Years ago, there was a very wealthy man, who with his
devoted young son, shared a passion for art collecting.
Together they traveled around the world, adding only
the finest art treasures to their collection. Priceless
works by Picasso, Van Gogh, Monet and many others adorned
the walls of the family estate. The widowed, elder man
looked on with satisfaction as his only child became
an experienced art collector. The son's trained eye
and sharp business mind caused his father to beam with
pride as they dealt with art collectors around the world.
Winter approached, war engulfed the nation, and the
young man left to serve his country. After only a few
short weeks, his father received a telegram. His beloved
son was missing in action. The art collector anxiously
awaited more news, fearing he would never see his son
again. Within days, his fears were confirmed. The young
man had died while rushing a fellow soldier to a medic.
Distraught and lonely, the old man faced the upcoming
Christmas holidays with anguish and sadness. The joy
of the season, a season that he and his son had so looked
forward to would visit his house no longer.
On Christmas morning, a knock on the door awakened the
depressed old man. As he walked to the door, the masterpieces
of art on the walls only reminded him that his son was
not coming home. As he opened the door, he was greeted
by a soldier with a large package in his hand. He introduced
himself to the man by saying, "I was a friend of
your son. I was the one he was rescuing when he died.
May I come in for a few moments? I have something to
As the two began to talk, the soldier told of how the
man's son had told everyone of his, not to mention his
father's, love of fine art. "I'm an artist,"
said the soldier, "and I want to give this to you."
As the old man unwrapped the package, the paper gave
way to reveal a portrait of the man's son. Though the
world would never consider it the work of a genius,
the painting featured the young man's face in striking
detail. Overcome with emotion, the man thanked the soldier,
promising to hang the picture above the fireplace.
A few hours later, after the soldier had departed, the
old man set about his task. True to his word, the painting
went above the fireplace, pushing aside thousands of
dollars of paintings. And then the man sat in his chair
and spent Christmas gazing at the gift he had been given.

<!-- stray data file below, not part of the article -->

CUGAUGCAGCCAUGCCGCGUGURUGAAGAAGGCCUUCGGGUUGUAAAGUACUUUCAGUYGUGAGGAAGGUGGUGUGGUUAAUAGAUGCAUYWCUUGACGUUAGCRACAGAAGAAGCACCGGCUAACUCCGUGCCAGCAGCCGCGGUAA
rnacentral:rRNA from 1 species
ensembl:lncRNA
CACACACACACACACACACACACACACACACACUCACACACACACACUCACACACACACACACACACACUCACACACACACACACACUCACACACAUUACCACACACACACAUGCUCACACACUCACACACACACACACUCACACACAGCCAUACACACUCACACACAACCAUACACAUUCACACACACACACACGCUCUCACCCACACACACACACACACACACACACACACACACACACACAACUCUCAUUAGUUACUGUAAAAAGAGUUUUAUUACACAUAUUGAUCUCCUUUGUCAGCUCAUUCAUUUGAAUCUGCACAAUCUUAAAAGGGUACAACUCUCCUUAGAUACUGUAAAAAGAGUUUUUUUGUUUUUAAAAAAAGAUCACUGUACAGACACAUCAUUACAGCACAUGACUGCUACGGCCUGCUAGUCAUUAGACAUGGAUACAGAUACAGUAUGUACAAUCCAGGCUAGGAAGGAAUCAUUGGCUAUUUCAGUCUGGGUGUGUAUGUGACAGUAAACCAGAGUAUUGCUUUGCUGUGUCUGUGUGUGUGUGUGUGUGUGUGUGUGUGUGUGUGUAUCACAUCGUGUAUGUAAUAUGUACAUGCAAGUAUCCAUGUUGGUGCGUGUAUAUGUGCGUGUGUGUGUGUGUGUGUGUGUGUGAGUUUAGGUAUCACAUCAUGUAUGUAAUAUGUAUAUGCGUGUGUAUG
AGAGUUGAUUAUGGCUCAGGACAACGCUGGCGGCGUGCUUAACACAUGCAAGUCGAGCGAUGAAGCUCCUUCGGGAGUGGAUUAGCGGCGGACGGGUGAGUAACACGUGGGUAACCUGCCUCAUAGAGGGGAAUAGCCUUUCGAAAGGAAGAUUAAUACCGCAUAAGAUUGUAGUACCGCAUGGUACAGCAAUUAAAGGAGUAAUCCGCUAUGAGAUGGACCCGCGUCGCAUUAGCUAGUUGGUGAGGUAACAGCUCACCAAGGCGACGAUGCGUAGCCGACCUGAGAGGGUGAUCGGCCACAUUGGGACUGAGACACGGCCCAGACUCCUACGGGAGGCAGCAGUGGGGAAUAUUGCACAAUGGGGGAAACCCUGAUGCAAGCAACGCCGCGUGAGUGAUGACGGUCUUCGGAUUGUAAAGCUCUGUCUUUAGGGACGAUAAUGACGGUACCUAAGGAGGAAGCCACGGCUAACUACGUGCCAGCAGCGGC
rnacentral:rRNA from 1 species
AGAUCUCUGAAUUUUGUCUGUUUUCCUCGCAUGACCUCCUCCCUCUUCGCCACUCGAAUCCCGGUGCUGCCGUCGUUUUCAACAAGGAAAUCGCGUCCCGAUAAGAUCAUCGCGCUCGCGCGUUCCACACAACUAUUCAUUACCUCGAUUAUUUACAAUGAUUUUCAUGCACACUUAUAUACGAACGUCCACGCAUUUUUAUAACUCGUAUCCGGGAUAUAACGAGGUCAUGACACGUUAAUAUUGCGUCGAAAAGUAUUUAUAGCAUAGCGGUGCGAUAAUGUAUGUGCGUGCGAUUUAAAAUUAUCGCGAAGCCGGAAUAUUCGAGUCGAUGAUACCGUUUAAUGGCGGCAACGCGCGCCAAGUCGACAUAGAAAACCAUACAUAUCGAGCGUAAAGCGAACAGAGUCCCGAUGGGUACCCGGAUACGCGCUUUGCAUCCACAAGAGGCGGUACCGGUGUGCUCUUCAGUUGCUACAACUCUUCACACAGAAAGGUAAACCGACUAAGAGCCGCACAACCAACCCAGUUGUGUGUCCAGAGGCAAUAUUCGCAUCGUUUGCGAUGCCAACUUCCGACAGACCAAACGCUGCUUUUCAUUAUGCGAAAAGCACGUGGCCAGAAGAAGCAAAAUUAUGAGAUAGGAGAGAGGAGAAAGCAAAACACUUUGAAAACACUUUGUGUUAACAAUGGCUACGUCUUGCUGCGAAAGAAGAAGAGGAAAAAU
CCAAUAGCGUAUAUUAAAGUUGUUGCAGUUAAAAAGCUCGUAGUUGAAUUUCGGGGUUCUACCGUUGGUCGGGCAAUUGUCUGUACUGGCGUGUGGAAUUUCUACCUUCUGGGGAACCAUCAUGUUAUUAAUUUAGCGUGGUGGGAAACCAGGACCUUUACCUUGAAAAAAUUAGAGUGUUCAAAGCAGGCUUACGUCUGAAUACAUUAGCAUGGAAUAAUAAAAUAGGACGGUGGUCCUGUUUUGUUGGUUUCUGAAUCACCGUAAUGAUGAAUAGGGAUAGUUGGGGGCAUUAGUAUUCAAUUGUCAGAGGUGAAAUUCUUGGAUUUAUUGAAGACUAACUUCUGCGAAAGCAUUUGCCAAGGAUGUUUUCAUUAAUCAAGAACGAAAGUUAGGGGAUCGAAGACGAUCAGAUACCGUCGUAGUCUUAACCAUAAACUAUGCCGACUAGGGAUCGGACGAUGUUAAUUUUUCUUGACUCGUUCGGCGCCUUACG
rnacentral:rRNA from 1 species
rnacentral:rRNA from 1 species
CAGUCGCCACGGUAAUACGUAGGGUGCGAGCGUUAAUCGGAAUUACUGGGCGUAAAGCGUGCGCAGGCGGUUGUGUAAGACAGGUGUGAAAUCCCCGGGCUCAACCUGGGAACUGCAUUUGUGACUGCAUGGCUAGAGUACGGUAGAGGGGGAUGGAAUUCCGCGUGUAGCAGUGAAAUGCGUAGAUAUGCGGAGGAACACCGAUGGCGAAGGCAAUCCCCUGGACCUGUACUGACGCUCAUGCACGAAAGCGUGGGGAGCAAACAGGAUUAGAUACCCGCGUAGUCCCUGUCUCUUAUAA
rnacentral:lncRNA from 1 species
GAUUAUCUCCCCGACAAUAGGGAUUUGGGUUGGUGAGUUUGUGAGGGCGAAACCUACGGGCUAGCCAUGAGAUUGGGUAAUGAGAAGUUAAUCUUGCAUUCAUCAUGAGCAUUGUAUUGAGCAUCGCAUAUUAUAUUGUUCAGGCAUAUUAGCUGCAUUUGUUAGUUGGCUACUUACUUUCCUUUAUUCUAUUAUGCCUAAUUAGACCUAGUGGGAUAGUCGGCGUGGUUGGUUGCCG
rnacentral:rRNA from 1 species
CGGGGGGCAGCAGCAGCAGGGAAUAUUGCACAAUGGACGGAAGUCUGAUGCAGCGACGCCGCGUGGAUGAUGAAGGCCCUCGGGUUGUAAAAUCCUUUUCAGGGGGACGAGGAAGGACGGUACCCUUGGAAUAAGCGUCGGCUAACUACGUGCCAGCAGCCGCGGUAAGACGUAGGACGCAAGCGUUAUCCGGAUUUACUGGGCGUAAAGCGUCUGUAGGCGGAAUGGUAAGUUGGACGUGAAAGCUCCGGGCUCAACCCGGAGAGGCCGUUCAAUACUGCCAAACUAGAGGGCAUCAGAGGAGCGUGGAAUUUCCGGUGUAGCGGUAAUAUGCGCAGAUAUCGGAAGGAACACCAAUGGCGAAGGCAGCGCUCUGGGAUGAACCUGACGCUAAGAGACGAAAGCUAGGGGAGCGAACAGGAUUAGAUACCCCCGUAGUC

During the days and weeks that followed, the man realized
that even though his son was no longer with him, the
boy's life would live on because of those he had touched.
He would soon learn that his son had rescued dozens
of wounded soldiers before a bullet stilled his caring
heart. As the stories of his son's gallantry continued
to reach him, fatherly pride and satisfaction began
to ease the grief. The painting of his son soon became
his most prized possession, far eclipsing any interest
in the pieces for which museums around the world clamored.
He told his neighbors it was the greatest gift he had
The following spring, the old man became ill and passed
away. The art world was in anticipation! Unmindful of
the story of the man's only son, but in his honor, those
paintings would be sold at an auction. According to
the will of the old man, all of the art works would
be auctioned on Christmas Day, the day he had received
his greatest gift.
The day soon arrived and art collectors from around
the world gathered to bid on some of the world's most
spectacular paintings. Dreams would be fulfilled this
day, greatness would be achieved as many would claim,
"I have the greatest collection." The auction
began with a painting that was not on any museum's list.
It was the painting of the man's son.
The auctioneer asked for an opening bid. The room was
silent. "Who will open the bidding with $100?,"
he asked. Minutes passed. No one spoke. From the back
of the room came, "Who cares about that painting?
It's just a picture of his son. Let's forget it and
go on to the good stuff." More voices echoed in
agreement. "No, we have to sell this one first,
replied the auctioneer. "Now, who will take the
Finally, a friend of the old man spoke. "Will you
take ten dollars for the painting? That's all I have.
I knew the boy, so I'd like to have it." "I
have ten dollars, will anyone go any higher?" called
the auctioneer. After more silence, the auctioneer said,
"Going once, going twice, gone." The gavel
Cheers filled the room and someone exclaimed, "Now
we can get on with it and we can bid on these treasures!"
The auctioneer looked at the audience and announced
the auction was over. Stunned disbelief quieted the
room. Someone spoke up and asked, "What do you
mean it's over? We didn't come here for a picture of
some old guy's son. What about all of these paintings?
There are millions of dollars of art here! I demand
that you explain what's going on here!" The auctioneer
replied, "It's very simple. According to the will
of the father, whoever takes the son . . . gets it all."
Puts things into perspective, doesn't it? Just as those
art collectors discovered on that Christmas Day, the
message is still the same: the love of a Father, a Father
whose greatest joy came from his son, who went away
and gave his life rescuing others.
And because of that Father's love . . .
Whoever takes the Son gets it ALL.
- Author Unknown